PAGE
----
This generative model is certainly the case with those of us more oriented towards “feeling it out” or “just going with the flow, man.” This is the artist that sits in their studio, turning the toothpick between their teeth into a smoothie as they stare at a group of objects placed in some compositional relationship, occasionally getting up to pace and cast daggers of suspicious and resentful glance at the arrangement in question. Something isn’t right, the piece isn’t done, I am not yet victorious over this active process, I cannot. get. this lid. ON.
All of a sudden, something happens. Our artist makes an electric leap into memory and recalls some specific move. Indeed, this is a move our artist already knows, a move she may have used before or seen others use. She considers the implementation of this move. It’s risky, but with this sort of move, the worst-case scenario is that she can just undo it. She approaches the arrangement and picks up the small slip-cast bust of Beethoven sitting atop the amorphous salmon-colored horizon-line that she has propped up on two white plastic sawhorses. In her hands, this smooth white portion of one of the western world’s greatest compositional minds moves 13.8 inches to its left, now distinctly oriented off center in regards to the geometry of its avant-pedestal. Joy of joys! The piece is complete, our artist is victorious, and she steps outside of her studio to light a cigarette and call her mother.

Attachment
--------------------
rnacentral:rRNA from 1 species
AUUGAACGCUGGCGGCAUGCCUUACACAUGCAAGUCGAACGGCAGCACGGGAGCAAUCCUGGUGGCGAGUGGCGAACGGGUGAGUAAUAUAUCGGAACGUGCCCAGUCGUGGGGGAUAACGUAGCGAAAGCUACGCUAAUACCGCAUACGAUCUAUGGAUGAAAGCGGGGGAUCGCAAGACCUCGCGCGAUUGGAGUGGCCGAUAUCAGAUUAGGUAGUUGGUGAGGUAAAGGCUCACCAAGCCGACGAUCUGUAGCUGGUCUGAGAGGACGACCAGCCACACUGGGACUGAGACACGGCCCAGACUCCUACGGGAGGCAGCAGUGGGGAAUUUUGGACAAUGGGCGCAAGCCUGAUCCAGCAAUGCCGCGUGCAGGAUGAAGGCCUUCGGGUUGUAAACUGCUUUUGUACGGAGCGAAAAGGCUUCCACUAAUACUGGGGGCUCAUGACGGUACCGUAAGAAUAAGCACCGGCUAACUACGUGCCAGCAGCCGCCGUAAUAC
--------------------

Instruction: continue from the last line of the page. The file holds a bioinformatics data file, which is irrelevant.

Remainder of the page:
We might call this move Proximity or Distance. More likely than not, the artist will roll her eyes when I call it anything, but she was the choice-maker here, not me. Her choice was highly specific, both in its function and its result, and certainly not just any move would have given her satisfaction. In my own video-work, the choice to use a fade or a cut, the choice to follow up one kind of image-information with another, the combination of certain sounds and images, these can all be moves. There is no limit to the catalogue of moves available to and used by artists and surely, new moves are born every day, some able to cross medias and some necessarily exclusive to individual practices. I make no claim that moves are the only thing that determine the development or completion of a work, nor do I suggest that they are in any way essential to the act of making work, but: Colloquially, in the presence of other artists, we talk moves and we recognize moves. This recognition is a sort of reverse engineering of choices-made, the identification of conclusions arrived at in process that, as fellow makers, we are predisposed to, and occasionally unable to avoid, seeing.
With each column, I will identify and approach a different move as it pertains to an example in artwork, practice, medium, or artist. Not necessarily a how-to guide, but rather a crudely anthropological encyclopedia of learned behaviors, particular choices implemented spontaneously so that we may defeat incompletion (if that is, in fact, our goal) and stand proudly next to a Work of Art. As I attempt to accrete said catalogue, I promise to get no closer to understanding how a work of art is made or completed, but only to map the different tools that allow us to get there.
Now, if you’ll excuse me, I’ve got to call my mom.